The left faces a new challenge that is leaving its activists troubled. Over the past few years, many high-profile leftist figures, writers and politicians have turned right. They defected to the other side, and embarrassed leftists don’t know what to do about it.
In an op-ed in The New York Times, columnist Michelle Goldberg asks some soul-searching questions about what is causing the shift and why it’s important. She cites an extensive report in the well-known leftist publication, In These Times, which tells the stories of turncoats like former environmentalist Robert F. Kennedy Jr., Occupy Wall Street activist Matt Taibbi or liberal feminist writer Naomi Wolf.
“Almost everyone I talk to tells me about people they have lost ‘down the rabbit hole’—parents, siblings, best friends, as well as formerly trusted intellectuals and commentators,” writes the well-known leftist writer Naomi Klein. “People, once familiar, who have become unrecognizable.”
Dealing with Turncoats
The standard leftist ways of dealing with turncoats—deny and defame—will not work. Leftists cannot just write off these figures since they are well-known people with huge followings. Given their contributions to the movement, they cannot claim they were never real leftists. The In These Times authors note that many of these people are also intimate friends “that you struggle to hold onto despite their growing allegiance to terrifying ideas.”
Something has gone wrong with the left. To explain the crisis, the left must contradict cherished myths, abandon its utopic visions of the future and look for new ways of describing reality.
An Unwelcoming Culture
The Goldberg article claims there are three problems plaguing the left that help explain the apostasy of its celebrities. All of them require acting outside its old orthodoxy.
The first is the culture of the right is more welcoming than the left. Those approaching rightists are treated better—and although she does not say it—with Christian charity. The left does not have anything similar within its ranks.
It is hard to admit it, but the left’s unwelcoming culture can be rather nasty, sarcastic and crude.
Lost Hope for the Future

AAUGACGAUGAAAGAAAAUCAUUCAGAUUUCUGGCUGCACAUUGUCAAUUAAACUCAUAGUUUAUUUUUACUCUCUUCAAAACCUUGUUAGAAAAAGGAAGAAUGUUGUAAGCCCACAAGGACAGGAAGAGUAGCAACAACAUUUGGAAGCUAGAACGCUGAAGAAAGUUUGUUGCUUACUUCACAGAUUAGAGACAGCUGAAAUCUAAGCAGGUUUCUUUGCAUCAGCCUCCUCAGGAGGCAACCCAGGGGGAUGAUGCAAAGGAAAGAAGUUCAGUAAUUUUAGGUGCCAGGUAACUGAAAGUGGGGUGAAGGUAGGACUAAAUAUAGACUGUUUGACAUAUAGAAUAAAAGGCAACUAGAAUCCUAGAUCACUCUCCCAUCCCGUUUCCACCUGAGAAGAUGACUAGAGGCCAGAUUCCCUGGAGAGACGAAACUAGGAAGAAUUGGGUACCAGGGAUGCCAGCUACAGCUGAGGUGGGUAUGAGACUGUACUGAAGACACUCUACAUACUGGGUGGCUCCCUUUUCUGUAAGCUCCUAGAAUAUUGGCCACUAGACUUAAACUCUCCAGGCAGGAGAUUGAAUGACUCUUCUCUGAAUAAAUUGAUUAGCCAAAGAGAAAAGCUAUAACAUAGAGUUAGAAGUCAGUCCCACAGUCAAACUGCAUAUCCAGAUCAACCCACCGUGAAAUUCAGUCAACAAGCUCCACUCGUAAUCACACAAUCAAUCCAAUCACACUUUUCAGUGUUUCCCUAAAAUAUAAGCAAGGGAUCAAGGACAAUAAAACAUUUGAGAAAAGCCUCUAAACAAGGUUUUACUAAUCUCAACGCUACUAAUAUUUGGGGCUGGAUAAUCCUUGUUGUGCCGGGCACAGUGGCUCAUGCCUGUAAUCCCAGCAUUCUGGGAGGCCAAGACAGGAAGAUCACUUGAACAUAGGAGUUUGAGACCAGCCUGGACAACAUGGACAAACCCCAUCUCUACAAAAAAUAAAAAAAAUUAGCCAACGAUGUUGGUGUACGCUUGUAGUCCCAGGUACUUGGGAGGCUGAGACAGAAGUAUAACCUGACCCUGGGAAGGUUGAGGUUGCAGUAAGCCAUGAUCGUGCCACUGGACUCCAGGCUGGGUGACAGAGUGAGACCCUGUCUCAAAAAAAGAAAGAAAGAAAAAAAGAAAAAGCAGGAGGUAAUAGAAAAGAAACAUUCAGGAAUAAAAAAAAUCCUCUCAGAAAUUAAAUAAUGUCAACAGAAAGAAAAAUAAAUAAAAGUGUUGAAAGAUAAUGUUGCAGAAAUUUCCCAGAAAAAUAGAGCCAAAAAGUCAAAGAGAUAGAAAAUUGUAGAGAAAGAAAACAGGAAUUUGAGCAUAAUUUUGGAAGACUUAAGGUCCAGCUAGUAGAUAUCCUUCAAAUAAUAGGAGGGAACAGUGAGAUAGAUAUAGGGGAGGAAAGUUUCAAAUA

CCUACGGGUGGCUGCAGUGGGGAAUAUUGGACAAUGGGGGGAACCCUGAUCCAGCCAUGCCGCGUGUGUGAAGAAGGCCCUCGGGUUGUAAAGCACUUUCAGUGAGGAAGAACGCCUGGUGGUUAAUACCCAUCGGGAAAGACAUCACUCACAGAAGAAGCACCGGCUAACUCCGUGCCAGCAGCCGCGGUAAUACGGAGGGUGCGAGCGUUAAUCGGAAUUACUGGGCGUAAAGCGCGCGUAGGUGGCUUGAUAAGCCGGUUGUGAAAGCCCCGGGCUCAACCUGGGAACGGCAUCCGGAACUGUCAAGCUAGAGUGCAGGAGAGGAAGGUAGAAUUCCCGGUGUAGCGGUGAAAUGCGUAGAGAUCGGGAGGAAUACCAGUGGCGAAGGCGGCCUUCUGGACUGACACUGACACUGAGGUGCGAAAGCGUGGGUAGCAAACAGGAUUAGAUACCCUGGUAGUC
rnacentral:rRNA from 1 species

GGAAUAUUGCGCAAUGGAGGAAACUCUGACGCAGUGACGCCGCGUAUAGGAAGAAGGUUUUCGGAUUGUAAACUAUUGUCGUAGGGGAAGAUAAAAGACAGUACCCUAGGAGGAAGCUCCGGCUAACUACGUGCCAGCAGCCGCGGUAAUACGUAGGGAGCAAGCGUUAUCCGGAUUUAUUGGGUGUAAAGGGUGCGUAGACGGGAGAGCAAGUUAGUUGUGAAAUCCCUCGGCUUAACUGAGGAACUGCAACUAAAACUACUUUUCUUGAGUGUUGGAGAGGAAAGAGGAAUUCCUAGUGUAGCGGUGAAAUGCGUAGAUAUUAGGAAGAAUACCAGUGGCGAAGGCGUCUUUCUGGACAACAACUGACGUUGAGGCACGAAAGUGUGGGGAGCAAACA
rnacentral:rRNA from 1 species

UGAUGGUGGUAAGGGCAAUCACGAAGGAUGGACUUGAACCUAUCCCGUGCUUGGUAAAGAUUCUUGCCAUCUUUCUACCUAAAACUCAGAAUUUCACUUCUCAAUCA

The second problem is more serious and profound. Marxist dialectic theory posits that history constantly evolves and progresses to ever greater forms of freedom and equality.
However, history is not cooperating with this fatalistic vision of history (read Roe v. Wade, for example). Thus, there is “a crisis of faith in the possibility of progress.”
Everything seems stuck. Leftists are stuck developing policy ideas addressing current problems but cannot construct a compelling vision of the future.
No Concrete Plans for a Radical Transformation of Society
Leftists know what they want to dismantle—tradition, patriarchy, the nuclear family, property, and capitalism. However, they do not have a credible plan for a radical transformation of society. Everything is shrouded in abstract Marxist jargon with little practical application.
Hence, some activists are losing hope and looking elsewhere, including rightward.
The Right-wing Advantage
Ms. Goldberg claims the right has an advantage over the left in this field. It does not have to present an abstract vision of the future. It offers the security of a return to a past Christian order.
The left may hate and distort this order, but it cannot deny its existence and verifiable claims. This Christian order points to highly attractive historical accomplishments, cultural developments and heroic feats. Conservatives can have recourse to the memories of happier times. Left’s memories of past utopian nightmares like communism are not so happy…
The Need for Beautiful Dreams
The loss of hope has the effect of fragmenting the left. The recalling of memories is uniting the right.
The In These Times report claims, “We’ve witnessed more right-wing factions converging than splitting, putting aside differences and adopting new and ugly dreams,” which they see as beautiful.
Ms. Goldberg complains that “the left needs beautiful dreams of its own.”
Either Dream or Die
All social entities or movements need dreams, which can be defined as an indispensable capacity to envision a future for themselves that considers both the practical means at hand and a higher ideal. Societies that do not dream are doomed to die.
“We have no knowledge of any human community where men do fail to dream,” writes Irving Kristol. “Which is to say, we know of no human community whose members do not have a vision of perfection—a vision in which the frustrations inherent in our human condition are annulled and transcended.1
Why Celebrities Leave the Left—No Dream
This lack of a dream signals a deep crisis inside the left that cannot be underestimated. It is an existential problem that leaves it without an achievable goal. The past notions of socialist utopias are unraveling in a woke nightmare of identity politics and irrational discourse that attracts no one.
Celebrities are leaving the left because there is nothing left to appeal to their rational minds. The socialist agenda is hollow, unwelcoming and incoherent.
For all its defects, the rightist vision still seeks after beautiful dreams. It can always appeal to that audacious dream of an order turned toward Christ that so transformed the West.
1. Kristol, Two Cheers for Capitalism, 153.